On the afternoon in 1998 when faith returned, I experienced a sense of the limitless power and majesty of God that left me convinced that He knew all the answers to the theological and sociological questions that had tormented me for years. I saw, in one enduring moment, that the God who could make the Double Helix and the snow flake, the God who could make the Black holes in space, and the lilies of the field, could do absolutely anything and must know everything --- even why good people suffer, why genocide and war plague our planet, and why Christians have lost, in America and in other lands, so much credibility as people who know how to love. I felt a trust in this all-knowing God; I felt a sudden release of all my doubts. Indeed, my questions became petty in the face of the greatness I beheld. I felt a deep and irreversible assurance that God knew and understood every single moment of every life that had ever been lived, or would be lived on Earth. I saw the universe as an immense and intricate tapestry, and I perceived that the Maker of the tapestry saw interwoven in that tapestry all our experiences in a way that we could not hope, on this Earth, to understand.

This was not a joyful moment for me. It wasn

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Has anyone read "Mnemnoch the Devil"? While ostensibly part of her vampire series, most of the book is basically Satan's perspective on the Bible. Interesting stuff, especially in light of her (I think) later conversion.

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Excerpt from Rice's spiritual memoir Called Out of Darkness.

I wrote twenty-one books before faith returned to me. And in almost all these books, creatures shut out of life, doomed to marginality or darkness, seek for lives of value, even when the world tells them they cannot have such lives....

These books transparently reflect a journey through atheism and back to God. It is impossible not to see this. They reflect an attempt to determine what is good and what is evil in an atheistic world. They are about the struggle of brothers and sisters in a world without credible fathers and mothers. They reflect an obsession with the possibility of a new and enlightened moral order.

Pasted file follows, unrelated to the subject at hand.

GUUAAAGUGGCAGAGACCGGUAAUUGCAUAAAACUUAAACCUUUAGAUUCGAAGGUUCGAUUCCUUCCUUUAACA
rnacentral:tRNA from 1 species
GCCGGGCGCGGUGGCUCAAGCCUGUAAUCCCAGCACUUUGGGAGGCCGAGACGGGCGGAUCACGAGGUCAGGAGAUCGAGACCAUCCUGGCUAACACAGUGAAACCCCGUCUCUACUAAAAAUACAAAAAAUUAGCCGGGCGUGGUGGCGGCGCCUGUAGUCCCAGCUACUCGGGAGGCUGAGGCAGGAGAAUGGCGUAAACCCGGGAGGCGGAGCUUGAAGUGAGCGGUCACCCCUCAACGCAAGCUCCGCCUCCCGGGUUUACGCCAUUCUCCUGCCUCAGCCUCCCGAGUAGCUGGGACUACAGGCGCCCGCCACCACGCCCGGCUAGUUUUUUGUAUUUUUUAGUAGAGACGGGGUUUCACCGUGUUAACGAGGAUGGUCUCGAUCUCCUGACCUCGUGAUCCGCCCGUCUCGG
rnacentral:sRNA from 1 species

Did I know this when I wrote them? No.

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Anne Rice's Facebook announcement:

As I said below, I quit being a Christian. I'm out. In the name of Christ, I refuse to be anti-gay. I refuse to be anti-feminist. I refuse to be anti-artificial birth control. I refuse to be anti-Democrat. I refuse to be anti-secular humanism. I refuse to be anti-science. I refuse to be anti-life. In the name of Christ, I quit Christianity and being Christian. Amen.

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Link to the Facebook announcement in question.

Here is the earlier status update to which she refers:

For those who care, and I understand if you don't: Today I quit being a Christian. I'm out. I remain committed to Christ as always but not to being "Christian" or to being part of Christianity. It's simply impossible for me to "belong" to this quarrelsome, hostile, disputatious, and deservedly infamous group. For ten years, I've tried. I've failed. I'm an outsider. My conscience will allow nothing else.

Hmmm. Nineteen hours earlier, she posted this:

Gandhi famously said: “I like your Christ, I do not like your Christians. Your Christians are so unlike your Christ.” When does a word (Christian)become unusable? When does it become so burdened with history and horror that it cannot be evoked without destructive controversy?